As James Surowiecki explains in his review of Joseph Stiglitz’s most recent books, “the fundamental truth about American economic growth today is that while the work is done by many, the real rewards largely go to the few.”
Economic inequality is clearly back on the agenda in the United States, in political discourse as well as in the discipline of economics.
Historically, inequality was not something that academic economists, at least in the dominant neoclassical tradition, worried much about. Economics was about production and allocation, and the efficient use of scarce resources. It was about increasing the size of the pie, not figuring out how it should be divided. Indeed, for many economists, discussions of equity were seen as perilous, because there was assumed to be a necessary “tradeoff” between efficiency and equity: tinkering with the way the market divided the pie would end up making the pie smaller. As the University of Chicago economist Robert Lucas put it, in an oft-cited quote: “Of the tendencies that are harmful to sound economics, the most seductive, and…the most poisonous, is to focus on questions of distribution.”
Today, the landscape of economic debate has changed. Inequality was at the heart of the most popular economics book in recent memory, the economist Thomas Piketty’s Capital. The work of Piketty and his colleague Emmanuel Saez has been instrumental in documenting the rise of income inequality, not just in the US but around the world. Major economic institutions, like the IMF and the OECD, have published studies arguing that inequality, far from enhancing economic growth, actually damages it. And it’s now easy to find discussions of the subject in academic journals.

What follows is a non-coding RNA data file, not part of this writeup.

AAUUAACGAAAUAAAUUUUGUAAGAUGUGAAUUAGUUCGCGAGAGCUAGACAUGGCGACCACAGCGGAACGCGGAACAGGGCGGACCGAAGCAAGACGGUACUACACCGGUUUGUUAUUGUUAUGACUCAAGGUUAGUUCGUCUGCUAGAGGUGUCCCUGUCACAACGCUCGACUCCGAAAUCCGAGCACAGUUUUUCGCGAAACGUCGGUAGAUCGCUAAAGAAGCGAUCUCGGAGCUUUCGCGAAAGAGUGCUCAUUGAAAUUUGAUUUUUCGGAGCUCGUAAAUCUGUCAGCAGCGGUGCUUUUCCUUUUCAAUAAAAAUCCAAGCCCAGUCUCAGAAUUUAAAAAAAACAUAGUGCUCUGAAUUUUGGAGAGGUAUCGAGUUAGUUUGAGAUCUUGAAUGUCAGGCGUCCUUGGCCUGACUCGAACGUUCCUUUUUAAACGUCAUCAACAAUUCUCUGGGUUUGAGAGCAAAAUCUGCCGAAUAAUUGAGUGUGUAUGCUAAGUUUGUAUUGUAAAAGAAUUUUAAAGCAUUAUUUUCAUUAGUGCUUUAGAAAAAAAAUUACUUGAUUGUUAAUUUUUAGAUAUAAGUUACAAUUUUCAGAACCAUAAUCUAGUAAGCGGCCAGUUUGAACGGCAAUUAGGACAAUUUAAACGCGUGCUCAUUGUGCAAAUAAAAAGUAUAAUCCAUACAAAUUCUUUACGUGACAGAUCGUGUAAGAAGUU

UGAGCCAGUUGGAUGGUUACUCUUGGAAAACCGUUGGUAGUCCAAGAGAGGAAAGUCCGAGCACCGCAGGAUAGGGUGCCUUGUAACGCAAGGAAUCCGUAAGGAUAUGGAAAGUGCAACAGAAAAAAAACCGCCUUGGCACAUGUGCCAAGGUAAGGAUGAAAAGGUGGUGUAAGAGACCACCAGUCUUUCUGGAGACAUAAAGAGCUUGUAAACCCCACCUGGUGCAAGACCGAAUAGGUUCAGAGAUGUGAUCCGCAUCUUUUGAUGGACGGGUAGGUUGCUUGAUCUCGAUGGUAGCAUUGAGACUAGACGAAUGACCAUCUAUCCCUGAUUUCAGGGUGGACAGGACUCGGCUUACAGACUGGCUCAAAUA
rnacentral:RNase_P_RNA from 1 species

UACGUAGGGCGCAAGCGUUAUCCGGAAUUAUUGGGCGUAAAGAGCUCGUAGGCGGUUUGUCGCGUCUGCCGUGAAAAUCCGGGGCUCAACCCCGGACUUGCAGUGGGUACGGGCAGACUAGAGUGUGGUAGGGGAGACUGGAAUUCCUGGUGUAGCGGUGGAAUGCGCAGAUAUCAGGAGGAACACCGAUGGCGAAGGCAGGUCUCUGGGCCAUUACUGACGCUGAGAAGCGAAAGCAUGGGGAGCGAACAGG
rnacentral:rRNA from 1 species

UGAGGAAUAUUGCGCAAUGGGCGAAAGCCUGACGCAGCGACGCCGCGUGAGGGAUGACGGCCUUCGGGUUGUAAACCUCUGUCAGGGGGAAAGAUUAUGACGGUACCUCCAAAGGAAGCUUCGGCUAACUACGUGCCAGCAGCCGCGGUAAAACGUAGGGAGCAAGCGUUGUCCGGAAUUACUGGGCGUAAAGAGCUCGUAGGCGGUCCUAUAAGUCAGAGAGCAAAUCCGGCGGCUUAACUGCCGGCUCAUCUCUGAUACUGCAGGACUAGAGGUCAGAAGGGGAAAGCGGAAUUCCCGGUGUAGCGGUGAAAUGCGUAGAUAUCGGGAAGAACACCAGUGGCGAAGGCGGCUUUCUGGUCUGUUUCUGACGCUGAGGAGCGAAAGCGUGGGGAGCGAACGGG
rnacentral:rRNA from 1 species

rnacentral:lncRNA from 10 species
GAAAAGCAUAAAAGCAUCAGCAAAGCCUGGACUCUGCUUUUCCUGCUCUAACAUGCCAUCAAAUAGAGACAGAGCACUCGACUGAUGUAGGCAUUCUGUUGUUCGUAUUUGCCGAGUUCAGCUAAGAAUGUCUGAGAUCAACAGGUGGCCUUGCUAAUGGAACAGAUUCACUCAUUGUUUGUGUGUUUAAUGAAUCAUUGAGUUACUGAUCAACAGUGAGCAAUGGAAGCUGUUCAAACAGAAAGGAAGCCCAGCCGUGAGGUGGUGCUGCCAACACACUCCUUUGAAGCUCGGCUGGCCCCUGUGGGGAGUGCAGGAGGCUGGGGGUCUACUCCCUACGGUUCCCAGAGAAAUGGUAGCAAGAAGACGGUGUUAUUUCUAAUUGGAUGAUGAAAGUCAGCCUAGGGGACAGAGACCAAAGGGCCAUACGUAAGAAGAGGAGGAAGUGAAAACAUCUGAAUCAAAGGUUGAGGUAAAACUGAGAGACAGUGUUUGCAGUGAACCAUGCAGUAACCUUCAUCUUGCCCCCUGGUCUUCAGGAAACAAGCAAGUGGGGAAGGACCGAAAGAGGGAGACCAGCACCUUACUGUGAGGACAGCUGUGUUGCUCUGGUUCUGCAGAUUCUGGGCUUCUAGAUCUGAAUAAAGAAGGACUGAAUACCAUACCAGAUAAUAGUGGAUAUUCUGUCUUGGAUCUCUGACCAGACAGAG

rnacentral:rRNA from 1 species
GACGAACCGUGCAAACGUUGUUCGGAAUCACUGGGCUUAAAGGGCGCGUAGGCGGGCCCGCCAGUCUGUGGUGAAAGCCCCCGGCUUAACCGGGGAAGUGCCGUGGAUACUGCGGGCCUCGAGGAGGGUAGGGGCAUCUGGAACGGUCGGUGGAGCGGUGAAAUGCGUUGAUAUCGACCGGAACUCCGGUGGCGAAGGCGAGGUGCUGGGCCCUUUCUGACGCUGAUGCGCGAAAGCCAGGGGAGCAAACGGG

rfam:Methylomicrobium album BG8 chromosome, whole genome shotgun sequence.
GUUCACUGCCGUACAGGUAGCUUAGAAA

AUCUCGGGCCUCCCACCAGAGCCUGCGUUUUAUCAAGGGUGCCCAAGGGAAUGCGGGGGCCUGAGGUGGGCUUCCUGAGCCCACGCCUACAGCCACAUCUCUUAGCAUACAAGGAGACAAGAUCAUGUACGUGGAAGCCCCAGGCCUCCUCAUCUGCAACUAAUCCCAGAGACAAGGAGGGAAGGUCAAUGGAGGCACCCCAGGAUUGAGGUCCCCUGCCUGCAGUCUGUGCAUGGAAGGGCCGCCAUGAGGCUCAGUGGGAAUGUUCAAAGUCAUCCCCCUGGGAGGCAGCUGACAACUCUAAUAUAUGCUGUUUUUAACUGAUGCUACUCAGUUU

First, after decades of simply ignoring the problem, mainstream economists tried to make sense of growing inequality in terms of “earnings inequality,” that is payments to different amounts of human capital (measured, for example, in terms of years of education). But that couldn’t account for huge differences within the top 10 percent, most of whom have college degrees. A second, more recent attempt has focused on the “rent-seeking” behavior of individuals (like CEOs) and sectors (such as pharmaceuticals and finance). The idea is that a small group of individuals and industries at the top are able to capture excess payments—”rents”—because they’re able to keep competitive forces from driving returns down. From Stiglitz’s perspective, the issue is
the economy suffers when “more efforts go into ‘rent seeking’—getting a larger slice of the country’s economic pie—than into enlarging the size of the pie.”
As I’ve explained before, the idea of rent-seeking behavior puts the final nail in the coffin of neoclassical marginal productivity theory, that is, the idea that “everybody gets what they deserve, according to their marginal contributions to production.”
But rent-seeking theory fails to account for where the extra value that takes the form of rents comes from, that is, it doesn’t offer an explanation of how a surplus is created, which can then be captured—in competitive situations (so-called normal profits) as well as in noncompetitive situations (which give rise to rents).
The fact is those at the top, in the immediate postwar period (when income inequality was much less than it is today), were left with both the incentive and the means to remake the circumstances to capture the surplus that was being created. And, of course, they eventually did so, beginning in the 1970s—allowing them both to make sure more surplus was pumped out of the workers (by paying wages that remained stagnant) and to capture more of that surplus (by funneling it into areas like finance and pharmaceuticals and by paying CEOs higher and higher salaries).
That, in my view, is the “fundamental truth about American economic growth.”